Scotland's First Minister has raised concerns about the impact of the UK/Australia trade deal announced this week on Scottish farmers and called for the agreement to be ratified by Westminster and Holyrood, according to the Edinburgh media.
At First Minister’s Questions Nicola Sturgeon said the full detail of the deal needed to be published, after SNP Jim Fairlie raised the opposition of the National Farmers’ Union in Scotland to the agreement, claiming it “sets a dangerous precedent.”
The new trade deal between the UK and Australia has been defended by the UK government, with Trade Secretary Liz Truss insisting it will not harm British farmers' livelihoods.
She has also denied that imports of Australian beef would flood the UK and instead said the trade deal would ensure British export markets would grow.
Mr Fairlie said the deal had been done with “no consultation, no consent and no parliamentary scrutiny” and needed to be put to a vote to prevent the “selling out of Scotland’s farmers and crofters.”
Ms Sturgeon said the detail of the Australia deal should be published in full and put to a vote at Westminster and Holyrood.
“I am deeply concerned about the implications of this trade deal and future trade deals on our farming sector in Scotland,” she said.
“The detail of this should be published in full and put to a vote, not just in the House of Commons but in this parliament as well so we can represent the interests of the Scottish farming industry.”
Prime Minister Boris Johnson said the latest agreement marks a new dawn in the UK's relationship with Australia, underpinned by... shared history and common values.
He added in a statement: This is global Britain at its best - looking outwards and striking deals that deepen our alliances and help ensure every part of the country builds back better from the pandemic.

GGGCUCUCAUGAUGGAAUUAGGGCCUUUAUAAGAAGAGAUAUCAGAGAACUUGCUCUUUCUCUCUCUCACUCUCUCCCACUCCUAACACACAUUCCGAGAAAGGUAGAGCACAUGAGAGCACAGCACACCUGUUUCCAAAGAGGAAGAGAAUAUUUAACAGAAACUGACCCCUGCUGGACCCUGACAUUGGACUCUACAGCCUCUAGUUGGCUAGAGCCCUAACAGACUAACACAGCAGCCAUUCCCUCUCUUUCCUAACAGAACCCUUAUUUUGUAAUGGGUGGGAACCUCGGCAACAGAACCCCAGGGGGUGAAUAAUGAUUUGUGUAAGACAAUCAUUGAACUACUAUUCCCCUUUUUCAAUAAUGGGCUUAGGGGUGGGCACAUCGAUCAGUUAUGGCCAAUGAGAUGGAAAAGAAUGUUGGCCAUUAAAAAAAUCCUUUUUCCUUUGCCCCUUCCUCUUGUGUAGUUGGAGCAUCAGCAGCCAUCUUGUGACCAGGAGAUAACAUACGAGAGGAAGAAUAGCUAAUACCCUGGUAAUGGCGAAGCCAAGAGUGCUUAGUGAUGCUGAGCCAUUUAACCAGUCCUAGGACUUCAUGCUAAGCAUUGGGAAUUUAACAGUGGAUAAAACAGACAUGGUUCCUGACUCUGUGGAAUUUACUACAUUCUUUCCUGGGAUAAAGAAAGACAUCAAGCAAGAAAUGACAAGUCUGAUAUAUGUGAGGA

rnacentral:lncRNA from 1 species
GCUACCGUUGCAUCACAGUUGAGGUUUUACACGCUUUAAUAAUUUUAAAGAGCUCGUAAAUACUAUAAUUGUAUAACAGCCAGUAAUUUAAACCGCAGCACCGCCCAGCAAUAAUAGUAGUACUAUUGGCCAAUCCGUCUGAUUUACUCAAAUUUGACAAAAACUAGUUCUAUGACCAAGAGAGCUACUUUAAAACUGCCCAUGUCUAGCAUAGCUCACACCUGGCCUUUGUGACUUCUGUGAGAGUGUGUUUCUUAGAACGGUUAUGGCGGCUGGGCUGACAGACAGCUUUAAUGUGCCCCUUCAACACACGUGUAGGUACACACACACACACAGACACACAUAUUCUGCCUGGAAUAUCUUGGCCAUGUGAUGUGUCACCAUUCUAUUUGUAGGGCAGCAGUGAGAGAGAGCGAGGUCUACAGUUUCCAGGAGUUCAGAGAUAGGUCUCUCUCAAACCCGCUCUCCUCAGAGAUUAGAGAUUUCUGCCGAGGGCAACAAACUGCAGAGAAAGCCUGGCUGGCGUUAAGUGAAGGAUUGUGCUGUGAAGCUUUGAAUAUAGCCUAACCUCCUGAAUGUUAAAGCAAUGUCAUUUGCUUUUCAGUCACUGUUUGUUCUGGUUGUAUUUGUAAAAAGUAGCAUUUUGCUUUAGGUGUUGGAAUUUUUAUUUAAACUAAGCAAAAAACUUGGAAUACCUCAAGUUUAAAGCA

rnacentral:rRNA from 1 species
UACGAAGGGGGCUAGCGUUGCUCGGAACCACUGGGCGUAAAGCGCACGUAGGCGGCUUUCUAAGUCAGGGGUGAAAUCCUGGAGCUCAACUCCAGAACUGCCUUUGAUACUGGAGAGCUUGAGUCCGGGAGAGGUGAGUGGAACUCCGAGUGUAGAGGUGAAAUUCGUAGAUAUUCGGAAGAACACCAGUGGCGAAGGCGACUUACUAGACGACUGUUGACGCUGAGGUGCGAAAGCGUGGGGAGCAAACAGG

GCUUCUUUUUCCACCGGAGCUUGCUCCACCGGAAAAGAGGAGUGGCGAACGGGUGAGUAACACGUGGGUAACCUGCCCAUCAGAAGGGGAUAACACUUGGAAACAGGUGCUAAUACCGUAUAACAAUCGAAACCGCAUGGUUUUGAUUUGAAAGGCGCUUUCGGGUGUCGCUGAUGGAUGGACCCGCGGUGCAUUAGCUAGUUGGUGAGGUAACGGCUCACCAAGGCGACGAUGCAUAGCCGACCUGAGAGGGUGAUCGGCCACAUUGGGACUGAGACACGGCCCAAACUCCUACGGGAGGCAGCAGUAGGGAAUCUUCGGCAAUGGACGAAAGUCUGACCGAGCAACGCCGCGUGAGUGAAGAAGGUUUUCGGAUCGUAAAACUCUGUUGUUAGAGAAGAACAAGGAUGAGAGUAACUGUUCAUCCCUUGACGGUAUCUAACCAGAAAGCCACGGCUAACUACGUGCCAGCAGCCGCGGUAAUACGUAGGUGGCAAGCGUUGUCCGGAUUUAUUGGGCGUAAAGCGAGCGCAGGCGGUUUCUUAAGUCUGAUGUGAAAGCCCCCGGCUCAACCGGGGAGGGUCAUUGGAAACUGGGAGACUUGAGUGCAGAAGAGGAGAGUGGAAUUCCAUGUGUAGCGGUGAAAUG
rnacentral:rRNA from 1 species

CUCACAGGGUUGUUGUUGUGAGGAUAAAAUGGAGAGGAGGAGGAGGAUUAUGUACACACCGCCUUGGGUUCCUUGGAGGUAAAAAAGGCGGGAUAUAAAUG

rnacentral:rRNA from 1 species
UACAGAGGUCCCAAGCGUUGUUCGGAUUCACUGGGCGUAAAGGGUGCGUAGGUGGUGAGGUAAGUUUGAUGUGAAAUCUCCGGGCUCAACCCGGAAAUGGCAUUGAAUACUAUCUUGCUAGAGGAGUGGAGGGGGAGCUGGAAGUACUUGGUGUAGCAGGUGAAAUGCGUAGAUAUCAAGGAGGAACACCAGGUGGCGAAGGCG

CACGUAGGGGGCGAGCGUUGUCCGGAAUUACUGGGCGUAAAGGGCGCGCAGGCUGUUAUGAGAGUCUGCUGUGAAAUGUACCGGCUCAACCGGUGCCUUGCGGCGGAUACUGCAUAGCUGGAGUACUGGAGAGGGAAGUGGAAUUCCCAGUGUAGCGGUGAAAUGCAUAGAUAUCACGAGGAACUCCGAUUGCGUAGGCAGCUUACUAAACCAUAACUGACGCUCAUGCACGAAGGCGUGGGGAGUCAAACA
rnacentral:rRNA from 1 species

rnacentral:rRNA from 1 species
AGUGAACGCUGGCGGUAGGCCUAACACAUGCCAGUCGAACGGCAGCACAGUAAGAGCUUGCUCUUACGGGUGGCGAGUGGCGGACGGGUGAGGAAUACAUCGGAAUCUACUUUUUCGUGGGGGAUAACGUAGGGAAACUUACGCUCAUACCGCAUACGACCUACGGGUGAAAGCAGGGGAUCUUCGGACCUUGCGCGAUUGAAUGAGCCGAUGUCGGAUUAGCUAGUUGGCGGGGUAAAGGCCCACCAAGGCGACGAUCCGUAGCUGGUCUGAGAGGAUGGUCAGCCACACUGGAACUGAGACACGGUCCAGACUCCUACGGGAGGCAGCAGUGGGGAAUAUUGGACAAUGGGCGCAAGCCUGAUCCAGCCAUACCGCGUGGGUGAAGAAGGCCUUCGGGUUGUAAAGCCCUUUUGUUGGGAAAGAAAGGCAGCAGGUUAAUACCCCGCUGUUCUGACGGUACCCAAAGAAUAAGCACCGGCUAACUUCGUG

Speaking later at a Downing Street press conference alongside Australian premier Scott Morrison, Johnson insisted that more trade agreements would follow.
This is ... a prelude to further deals, Johnson told reporters.
Morrison praised the foundational partnership that would strengthen economic links and boost cooperation between the two nations.
Foreign Secretary Dominic Raab tweeted that the deal was an important stepping stone in efforts to join a massive free trade zone in the Indo-Pacific region - the Comprehensive and Progressive Agreement for Trans-Pacific Partnership.
The deal eliminates tariffs on UK exports, with a final agreement in principle to be published in the coming days, according to the government.
The UK-Australia trade relationship was worth £13.9 billion (US$19.4 billion) last year and will grow under the deal, it added in a statement.
The British Chambers of Commerce, representing thousands of UK firms, described the Australia deal as a positive step but warned it would not offset EU wrangles.
Trade with Australia represents only around 1.2% of the UK's total, so whilst a deal will have welcome benefits it will not offset the ongoing issues with trade to the European Union, said BCC trade policy head William Bain